Olympic Security and the Media

Two city buses exploded Monday morning in southwest China during the rush hour. The authorities think they can tamp down on such violent protest during the Olympics, but they've got another thing coming.

Even with a staggering 100,000 police officers deployed on the streets to keep order for the Games (that's twice the size of NYC's police force, twice the size of the Italian standing army!) -- they won't be able to prevent every single act of civil disobedience and violence.

Nor will they be able to choreograph the media coverage of these events. Much to NBC's chagrin, the Chinese authorities are curtailing the hours when press can film in Tiananmen Square, and they'll try to censor the dominant television narrative. But they won't be able to prohibit 24/7 coverage via the Internet of protests as they happen on the ground.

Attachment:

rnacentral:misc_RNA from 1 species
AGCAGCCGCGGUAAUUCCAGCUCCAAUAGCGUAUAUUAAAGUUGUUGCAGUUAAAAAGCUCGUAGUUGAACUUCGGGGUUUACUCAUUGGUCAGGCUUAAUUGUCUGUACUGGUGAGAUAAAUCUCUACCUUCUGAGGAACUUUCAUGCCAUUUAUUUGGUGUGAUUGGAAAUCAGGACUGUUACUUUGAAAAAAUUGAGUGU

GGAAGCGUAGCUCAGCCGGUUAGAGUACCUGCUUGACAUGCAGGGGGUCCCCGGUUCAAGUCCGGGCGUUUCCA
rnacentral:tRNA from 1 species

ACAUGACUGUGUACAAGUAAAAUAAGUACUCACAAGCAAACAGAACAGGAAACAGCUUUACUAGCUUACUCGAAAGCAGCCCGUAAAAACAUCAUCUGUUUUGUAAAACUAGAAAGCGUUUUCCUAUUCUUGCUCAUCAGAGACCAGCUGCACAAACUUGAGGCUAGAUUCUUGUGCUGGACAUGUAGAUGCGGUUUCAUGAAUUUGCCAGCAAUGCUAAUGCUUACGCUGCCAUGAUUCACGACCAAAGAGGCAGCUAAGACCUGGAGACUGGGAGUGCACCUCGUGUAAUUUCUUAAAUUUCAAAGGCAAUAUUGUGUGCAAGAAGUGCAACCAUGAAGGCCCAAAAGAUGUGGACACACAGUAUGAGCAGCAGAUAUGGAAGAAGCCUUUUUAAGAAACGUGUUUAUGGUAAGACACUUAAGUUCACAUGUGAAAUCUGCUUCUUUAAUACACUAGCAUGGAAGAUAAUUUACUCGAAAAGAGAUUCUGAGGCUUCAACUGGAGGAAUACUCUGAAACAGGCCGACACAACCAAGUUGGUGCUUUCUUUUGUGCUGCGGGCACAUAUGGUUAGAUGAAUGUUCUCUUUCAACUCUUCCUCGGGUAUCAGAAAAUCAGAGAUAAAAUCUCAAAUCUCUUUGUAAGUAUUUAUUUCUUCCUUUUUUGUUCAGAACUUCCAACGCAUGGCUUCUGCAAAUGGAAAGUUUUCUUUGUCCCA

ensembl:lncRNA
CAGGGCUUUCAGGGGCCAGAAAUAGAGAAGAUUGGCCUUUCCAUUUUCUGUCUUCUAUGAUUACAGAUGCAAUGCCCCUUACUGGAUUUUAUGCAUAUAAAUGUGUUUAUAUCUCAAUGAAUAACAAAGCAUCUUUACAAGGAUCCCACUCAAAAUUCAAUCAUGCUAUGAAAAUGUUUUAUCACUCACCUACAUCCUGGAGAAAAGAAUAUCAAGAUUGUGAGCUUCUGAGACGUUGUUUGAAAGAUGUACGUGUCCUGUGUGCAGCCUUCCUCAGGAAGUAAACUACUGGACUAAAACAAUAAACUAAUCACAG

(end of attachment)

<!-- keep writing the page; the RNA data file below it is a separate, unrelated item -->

As the authorities learned from the Sichuan earthquake, sometimes the public's need for information can supersede the government's ability to control it. Information cascades across digital networks like water flowing over a dyke. Sticking fingers in that dyke can't stop the flow.

Hopefully, the inevitable bad press coverage will lead to greater openness and more press freedom, not less. Regardless, the authorities are in for a rude awakening.